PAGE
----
Objectives: Clinical expression of rheumatoid arthritis (RA) varies by gender, but whether cardiovascular disease (CVD) is gender related in RA is unknown. Left ventricular (LV) hypertrophy (LVH) is a hallmark of CVD in RA patients. We investigated whether the association of LVH with RA is gender driven.Methods: Consecutive outpatients with established RA underwent echocardiography with measurement of LVH at baseline and one follow-up. All participants had no prior history of CVD or diabetes mellitus. We assessed CVD risk factors associated with LVH at follow-up, including sex, age, arterial blood pressure, and body mass index (BMI). We also evaluated inflammatory markers, autoimmunity, disease activity, and the use of RA medications as predictors of LVH.Results: We recruited 145 RA patients (121 females, 83%) and reassessed them after a median (interquartile range) of 36 months (24-50). At baseline, women were more dyslipidemic but otherwise had fewer CVD risk factors than men, including less prevalent smoking habit and hypertension, and smaller waist circumference. At follow-up, we detected LVH in 42/145 (44%) RA patients. LV mass significantly increased only in women. In multiple Cox regression analysis, women with RA had the strongest association with LVH, independently from the presence of CVD risk factors (OR, 6.56; 95% CI, 1.34-30.96) or RA-specific characteristics (OR, 5.14; 95% CI, 1.24-21.34). BMI was also significantly and independently associated with LVH.Conclusion: Among established RA patients, women carry the highest predisposition for LVH.

Sex-Specific Association of Left Ventricular Hypertrophy With Rheumatoid Arthritis

Giollo, Alessandro;Cioffi, Giovanni;Bixio, Riccardo;Fassio, Angelo;Adami, Giovanni;Orsolini, Giovanni;Dalbeni, Andrea;Idolazzi, Luca;Gatti, Davide;Rossini, Maurizio;Viapiana, Ombretta
2021-01-01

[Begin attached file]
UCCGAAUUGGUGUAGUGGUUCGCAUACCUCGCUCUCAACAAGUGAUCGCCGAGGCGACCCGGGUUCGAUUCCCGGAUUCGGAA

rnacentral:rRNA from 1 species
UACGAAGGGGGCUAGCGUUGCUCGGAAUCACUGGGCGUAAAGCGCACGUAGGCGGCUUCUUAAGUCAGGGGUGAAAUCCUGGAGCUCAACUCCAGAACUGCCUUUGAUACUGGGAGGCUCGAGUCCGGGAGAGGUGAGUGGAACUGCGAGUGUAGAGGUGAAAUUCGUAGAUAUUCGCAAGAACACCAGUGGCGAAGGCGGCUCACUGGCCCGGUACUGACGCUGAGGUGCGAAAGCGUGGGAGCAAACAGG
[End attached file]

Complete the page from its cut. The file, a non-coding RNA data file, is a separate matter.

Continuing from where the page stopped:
Abstract

Objectives: Clinical expression of rheumatoid arthritis (RA) varies by gender, but whether cardiovascular disease (CVD) is gender related in RA is unknown. Left ventricular (LV) hypertrophy (LVH) is a hallmark of CVD in RA patients. We investigated whether the association of LVH with RA is gender driven.Methods: Consecutive outpatients with established RA underwent echocardiography with measurement of LVH at baseline and one follow-up. All participants had no prior history of CVD or diabetes mellitus. We assessed CVD risk factors associated with LVH at follow-up, including sex, age, arterial blood pressure, and body mass index (BMI). We also evaluated inflammatory markers, autoimmunity, disease activity, and the use of RA medications as predictors of LVH.Results: We recruited 145 RA patients (121 females, 83%) and reassessed them after a median (interquartile range) of 36 months (24-50). At baseline, women were more dyslipidemic but otherwise had fewer CVD risk factors than men, including less prevalent smoking habit and hypertension, and smaller waist circumference. At follow-up, we detected LVH in 42/145 (44%) RA patients. LV mass significantly increased only in women. In multiple Cox regression analysis, women with RA had the strongest association with LVH, independently from the presence of CVD risk factors (OR, 6.56; 95% CI, 1.34-30.96) or RA-specific characteristics (OR, 5.14; 95% CI, 1.24-21.34). BMI was also significantly and independently associated with LVH.Conclusion: Among established RA patients, women carry the highest predisposition for LVH.
cardiovascular medicine
female sex
gender medicine
heart disease
heart failure
left ventricle hypertrophy
rheumatoid arthritis
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Utilizza questo identificativo per citare o creare un link a questo documento: https://hdl.handle.net/11562/1046126
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